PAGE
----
Rav Wilding and YouTube sensation Jim Browning, along with a team of ethical hackers, are hunting down cyber criminals in this new 15×45 series for BBC One Daytime and BBC iPlayer. This daring programme will see the BBC’s team working with ethical hackers to intercept cyber-criminals in the act, helping to prevent vulnerable people falling victim.
Using the same remote-access technology that criminals use to scam their victims, the team will hack the hackers and monitor their operation. In a race against the criminals, they’ll identify and contact victims in the middle of real-time scams to try to stop the crime before it happens.
Rav will be based at the Scam Interceptors HQ and, with the help of ethical hacker Jim Browning, Rav’s team will be monitoring industrial-scale scammers in real-time from across the globe.
The programme will also explore the biggest anti-social issues that have risen in the pandemic and the ‘local heroes’ who are tackling these problems head on, such as bike theft, fly-tipping and ‘romance’ scams.
Scam Interceptors was commissioned for BBC One by Carla-Maria Lawson, Head of BBC Daytime and Early Peak. Rachel Platt is the Commissioning Editor for BBC Daytime and Early-Peak. The series was produced by Rowland Stone (Executive Producer) and Sherry Knight (Series Producer) for BBC Studios Documentary Unit Popular Factual.
Q&A with Rav Wilding
What makes Scam Interceptors different from any other crime fighting show?
Scam interceptors is like nothing else on TV before, this is ground-breaking content. We show the viewers directly what the scammers see and do, which will enable anyone watching to keep both themselves and each other safer from future fraud attempts. During filming we literally intercepted and prevented high value scam attempts on scores of victims saving thousands of pounds. The education this series gives will potentially save millions more.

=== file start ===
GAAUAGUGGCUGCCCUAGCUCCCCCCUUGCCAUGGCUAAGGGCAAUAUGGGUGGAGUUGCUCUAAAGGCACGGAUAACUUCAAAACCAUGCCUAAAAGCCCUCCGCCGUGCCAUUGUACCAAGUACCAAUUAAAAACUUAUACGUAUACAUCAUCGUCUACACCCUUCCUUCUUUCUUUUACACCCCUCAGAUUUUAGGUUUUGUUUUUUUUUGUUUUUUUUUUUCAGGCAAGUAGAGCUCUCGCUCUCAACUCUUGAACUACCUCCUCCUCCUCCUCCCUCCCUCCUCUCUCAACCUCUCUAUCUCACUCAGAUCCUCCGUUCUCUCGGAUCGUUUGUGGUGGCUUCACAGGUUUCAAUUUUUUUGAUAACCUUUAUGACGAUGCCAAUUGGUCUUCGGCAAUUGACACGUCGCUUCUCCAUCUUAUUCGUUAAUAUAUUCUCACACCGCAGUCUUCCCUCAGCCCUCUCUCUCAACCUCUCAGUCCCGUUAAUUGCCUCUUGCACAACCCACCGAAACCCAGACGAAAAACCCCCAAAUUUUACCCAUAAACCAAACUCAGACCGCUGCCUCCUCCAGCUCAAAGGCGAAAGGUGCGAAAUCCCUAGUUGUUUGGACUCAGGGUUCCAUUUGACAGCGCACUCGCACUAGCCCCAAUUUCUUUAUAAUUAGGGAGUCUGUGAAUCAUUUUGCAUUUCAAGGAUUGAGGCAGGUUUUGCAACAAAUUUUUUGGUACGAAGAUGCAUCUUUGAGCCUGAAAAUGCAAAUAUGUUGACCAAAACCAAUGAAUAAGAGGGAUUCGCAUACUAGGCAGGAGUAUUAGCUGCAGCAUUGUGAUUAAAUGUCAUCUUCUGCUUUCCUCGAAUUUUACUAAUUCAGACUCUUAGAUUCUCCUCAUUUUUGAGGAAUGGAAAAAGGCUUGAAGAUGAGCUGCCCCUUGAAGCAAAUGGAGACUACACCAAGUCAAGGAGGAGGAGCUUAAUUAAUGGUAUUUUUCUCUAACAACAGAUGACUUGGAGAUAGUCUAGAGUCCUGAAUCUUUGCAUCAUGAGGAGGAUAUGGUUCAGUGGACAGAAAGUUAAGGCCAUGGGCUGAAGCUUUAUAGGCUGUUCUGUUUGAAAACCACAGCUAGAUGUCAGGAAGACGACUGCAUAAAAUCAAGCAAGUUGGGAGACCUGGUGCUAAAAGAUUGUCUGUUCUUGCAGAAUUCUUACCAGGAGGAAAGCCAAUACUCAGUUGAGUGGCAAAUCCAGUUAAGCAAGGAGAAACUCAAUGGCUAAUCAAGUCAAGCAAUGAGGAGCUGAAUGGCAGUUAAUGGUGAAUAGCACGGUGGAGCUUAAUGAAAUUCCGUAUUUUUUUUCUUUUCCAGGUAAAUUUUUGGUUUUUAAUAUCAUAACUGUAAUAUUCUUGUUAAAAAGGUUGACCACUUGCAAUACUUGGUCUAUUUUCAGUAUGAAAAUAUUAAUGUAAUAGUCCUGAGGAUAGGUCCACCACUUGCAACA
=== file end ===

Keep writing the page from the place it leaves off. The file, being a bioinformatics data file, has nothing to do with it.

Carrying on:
What was it like exposing cyber-crime and making a real difference to victims?
Each person that is scammed has a heart-breaking story. It’s often vulnerable people that fall foul of the scammers and who in many cases lose their life savings in a single phone call, or those who are just easily confused by the scammers’ well-rehearsed “script”.
The number of victims we know about is likely to be a drop in the ocean as these crimes are so under reported. To be able to expose the scammers and massively disrupt their organised criminal organisation was satisfying as we knew that as long as we were intervening, they were not ripping off potential victims.
What is an ethical hacker?
An ethical hacker is a cyber expert who is able to use their skills to expose serious criminality. On Scam Interceptors, I worked closely with our ethical hacker Jim Browning, who was able to infiltrate the scammers computers to enable me and my team to literally see what the scammers could see. This meant whenever we were able to get details from them of a potential victim they were targeting at the time – if and when I was confident it was a criminal act taking place – I could give the green light to swoop in, contact the victim and intercept.
What other types of scams does the programme expose which have arisen in the pandemic?
The pandemic has sadly led to a large increase in numerous crimes. On Scam Interceptors we met lots of people who are so sick of criminals getting away with it so have taken it upon themselves to stop them. This included two people who hide out in bushes overnight to try and photograph fly tippers in the act before passing the info on to the local councils. Another person was so sick of bikes being stolen, he works to try and get them reunited with their owners by tricking the thieves – with great success.
We also met a female domestic violence victim who now runs her own private investigation service and deals with numerous cases of romance fraud. It certainly feels that, thanks to people like that, the net is closing in on the criminals.
Top tips from Rav – How to prevent a hack
- Be wary of unsolicited emails and text messages claiming to be from legitimate companies, asking for you to click a link and then provide personal details. This is a very popular route for scammers and often the start of elaborate fraud attempts. STOP if you get one like this and check to see if it’s genuine. Asking a family member or friend is incredibly useful too.
- Check an email sender’s address at the top of the screen by hovering your cursor over it. This is often a quick way to see if it is or isn’t the genuine company they are claiming to be a quick search on the internet will show you the company’s genuine address and this will differ from what a scammer may send you.